Book Review: A COURT OF MIST AND FURY by Sarah J Maas

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My goodness, Feyre. This is becoming a rather troubling pattern for you, isn’t it?

         The second book in the Court of Thrones and Roses series picks up several months after Feyre’s book one trauma. Since this is a sequel review, I’m going to be a bit more spoilerey than usual—and since the book came out in 2015, I don’t think I need to dance around the plot points.

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         I wasn’t a great fan of Tamlin in the first book, as I mentioned in my review, so it should have been vindicating for me that Feyre dumps him after he finally behaves a little too much like a jerk. It was a little satisfying to see Feyre finally take control, but I’ll admit that the shift felt a little false. Tamlin’s sudden hyper-possessiveness, however, felt out of character for a guy who sat doing nothing throughout the entire last third of ACOTAR. He’s obviously changed after such a traumatic experience, I understand that, but the book seems to suggest that he was abusing Feyre by suffocating her with too much love, which really doesn’t feel like a great representation of abusive relationships. (I’m not sure that people who feel the need to sexually assault women that are already into them stop being physically abusive once the woman has sex with them.) But good thing Feyre’s with Rhys now, who isn’t possessive at all ever (am I laying it on too thick with the sarcasm?) and always gives Feyre every bit of information she needs (maybe too thick).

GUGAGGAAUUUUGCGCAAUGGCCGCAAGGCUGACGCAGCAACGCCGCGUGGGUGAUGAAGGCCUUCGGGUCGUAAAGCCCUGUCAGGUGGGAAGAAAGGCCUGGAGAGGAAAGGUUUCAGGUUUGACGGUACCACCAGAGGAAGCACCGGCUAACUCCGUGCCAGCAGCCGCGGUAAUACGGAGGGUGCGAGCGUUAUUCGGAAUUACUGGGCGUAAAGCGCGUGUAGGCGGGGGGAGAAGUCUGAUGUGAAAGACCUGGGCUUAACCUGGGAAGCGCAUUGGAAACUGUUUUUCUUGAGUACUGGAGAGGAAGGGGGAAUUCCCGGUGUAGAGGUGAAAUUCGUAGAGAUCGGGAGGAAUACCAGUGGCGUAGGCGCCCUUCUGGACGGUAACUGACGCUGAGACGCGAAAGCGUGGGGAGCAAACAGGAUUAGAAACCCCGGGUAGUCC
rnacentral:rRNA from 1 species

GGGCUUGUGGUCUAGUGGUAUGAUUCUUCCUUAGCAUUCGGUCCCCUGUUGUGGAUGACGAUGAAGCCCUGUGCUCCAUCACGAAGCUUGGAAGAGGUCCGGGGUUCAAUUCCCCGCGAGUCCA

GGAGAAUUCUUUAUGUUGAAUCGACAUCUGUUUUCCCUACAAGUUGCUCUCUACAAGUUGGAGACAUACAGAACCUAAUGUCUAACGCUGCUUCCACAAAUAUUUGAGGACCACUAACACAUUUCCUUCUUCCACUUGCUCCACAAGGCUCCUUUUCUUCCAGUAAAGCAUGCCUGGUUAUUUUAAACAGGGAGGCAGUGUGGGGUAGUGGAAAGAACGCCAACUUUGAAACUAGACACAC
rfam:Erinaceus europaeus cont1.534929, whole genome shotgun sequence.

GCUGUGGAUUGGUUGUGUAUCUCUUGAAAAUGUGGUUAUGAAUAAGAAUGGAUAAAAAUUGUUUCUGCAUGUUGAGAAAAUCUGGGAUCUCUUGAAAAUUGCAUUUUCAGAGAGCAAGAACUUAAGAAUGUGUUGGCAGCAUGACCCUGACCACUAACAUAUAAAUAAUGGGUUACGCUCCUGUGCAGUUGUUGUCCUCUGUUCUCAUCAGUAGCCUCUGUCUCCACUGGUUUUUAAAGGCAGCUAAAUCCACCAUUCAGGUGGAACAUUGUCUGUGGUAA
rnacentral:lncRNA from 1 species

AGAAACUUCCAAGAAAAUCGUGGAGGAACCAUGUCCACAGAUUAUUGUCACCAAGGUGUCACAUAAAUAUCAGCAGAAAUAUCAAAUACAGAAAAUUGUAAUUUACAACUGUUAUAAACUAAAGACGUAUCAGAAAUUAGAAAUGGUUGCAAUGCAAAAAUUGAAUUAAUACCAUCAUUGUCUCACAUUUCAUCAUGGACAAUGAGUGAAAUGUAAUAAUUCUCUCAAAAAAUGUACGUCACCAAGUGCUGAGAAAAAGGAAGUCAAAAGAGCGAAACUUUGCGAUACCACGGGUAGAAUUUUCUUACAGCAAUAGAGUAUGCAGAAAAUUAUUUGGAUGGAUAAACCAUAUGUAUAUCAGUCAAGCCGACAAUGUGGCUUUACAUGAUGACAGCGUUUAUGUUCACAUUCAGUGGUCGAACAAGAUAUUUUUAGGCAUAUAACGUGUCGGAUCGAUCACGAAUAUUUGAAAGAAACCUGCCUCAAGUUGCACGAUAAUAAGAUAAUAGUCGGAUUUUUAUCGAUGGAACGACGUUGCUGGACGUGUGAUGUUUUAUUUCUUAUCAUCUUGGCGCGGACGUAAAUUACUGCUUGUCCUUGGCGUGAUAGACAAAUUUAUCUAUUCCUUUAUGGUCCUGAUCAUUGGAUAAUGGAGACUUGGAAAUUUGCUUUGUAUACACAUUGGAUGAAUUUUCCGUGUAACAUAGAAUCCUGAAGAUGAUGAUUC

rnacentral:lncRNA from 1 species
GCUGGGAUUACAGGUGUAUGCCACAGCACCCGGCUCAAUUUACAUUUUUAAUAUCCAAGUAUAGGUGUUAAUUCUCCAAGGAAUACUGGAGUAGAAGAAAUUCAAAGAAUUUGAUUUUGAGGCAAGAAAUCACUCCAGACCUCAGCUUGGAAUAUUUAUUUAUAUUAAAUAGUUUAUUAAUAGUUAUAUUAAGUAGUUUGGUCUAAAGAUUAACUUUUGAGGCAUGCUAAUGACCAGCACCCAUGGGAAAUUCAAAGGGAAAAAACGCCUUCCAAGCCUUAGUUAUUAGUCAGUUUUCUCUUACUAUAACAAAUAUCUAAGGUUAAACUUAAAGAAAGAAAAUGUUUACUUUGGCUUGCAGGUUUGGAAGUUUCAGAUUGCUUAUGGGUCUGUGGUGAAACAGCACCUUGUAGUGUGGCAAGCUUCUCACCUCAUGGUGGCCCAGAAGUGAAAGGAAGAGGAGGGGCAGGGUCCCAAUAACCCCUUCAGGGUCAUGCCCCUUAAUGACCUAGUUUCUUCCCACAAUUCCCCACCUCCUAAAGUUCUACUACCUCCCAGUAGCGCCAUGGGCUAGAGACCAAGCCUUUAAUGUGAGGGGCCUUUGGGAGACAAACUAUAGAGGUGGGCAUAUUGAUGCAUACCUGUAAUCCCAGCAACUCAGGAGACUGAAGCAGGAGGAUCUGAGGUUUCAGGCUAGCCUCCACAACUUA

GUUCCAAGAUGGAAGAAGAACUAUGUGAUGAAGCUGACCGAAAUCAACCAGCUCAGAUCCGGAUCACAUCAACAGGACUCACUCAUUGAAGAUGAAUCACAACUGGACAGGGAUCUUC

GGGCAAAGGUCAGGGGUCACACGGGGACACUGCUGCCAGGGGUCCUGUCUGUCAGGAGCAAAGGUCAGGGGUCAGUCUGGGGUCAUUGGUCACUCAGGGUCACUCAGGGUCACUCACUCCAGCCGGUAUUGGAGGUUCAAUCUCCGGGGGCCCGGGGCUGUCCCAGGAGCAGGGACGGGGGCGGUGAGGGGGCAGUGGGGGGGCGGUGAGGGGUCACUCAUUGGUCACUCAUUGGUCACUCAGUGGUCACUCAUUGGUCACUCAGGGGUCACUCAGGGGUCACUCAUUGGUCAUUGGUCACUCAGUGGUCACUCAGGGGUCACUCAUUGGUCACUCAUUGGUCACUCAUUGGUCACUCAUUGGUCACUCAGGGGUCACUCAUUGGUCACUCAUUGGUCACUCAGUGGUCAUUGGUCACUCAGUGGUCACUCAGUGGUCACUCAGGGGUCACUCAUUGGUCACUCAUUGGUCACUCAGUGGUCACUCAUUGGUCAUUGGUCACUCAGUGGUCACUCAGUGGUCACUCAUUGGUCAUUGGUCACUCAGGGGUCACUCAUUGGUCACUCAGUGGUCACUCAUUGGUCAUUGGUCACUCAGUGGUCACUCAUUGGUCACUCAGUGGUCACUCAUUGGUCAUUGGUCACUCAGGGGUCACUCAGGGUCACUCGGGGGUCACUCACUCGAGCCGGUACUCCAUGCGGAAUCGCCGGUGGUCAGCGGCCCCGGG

But don’t get me wrong—I love Rhys. He’s probably the best example of the poor-tortured-cinnamon-roll-sexy-man love interest I’ve read, and while that kind of character isn’t my favorite, SJM executes it so perfectly that my heart was certainly doing the flutter-flutter thing. I absolutely understand why people love this book so much, and I’m bumping it up a star from ACOTAR for being such a fun ride.

         Again, I must emphasize that this is not young adult in any way! I don’t like to make guidelines based on age—everyone is different—but basically, a person isn’t ready to read this book until they are ready to read straight-up erotica. It’s not a fantasy with sex scenes as much as it is a book about a sexual relationship within a fantasy world.

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6 comments

  1. Rhys really seems uber-possessive and it’s slightly troubling that people don’t see that just because he’s not as bad as Tamlin. I mean, it’s great Feyre’s happy with him and I get why everyone sees him as a dreamboat book boyfriend, but like, there were still red flags for me, lol

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  2. I totally agree. I’m much more willing to let that stuff go in a fantasy (it’s hard to apply real-world rules to the “mate” thing) but there’s still a lot that’s troubling about that relationship.

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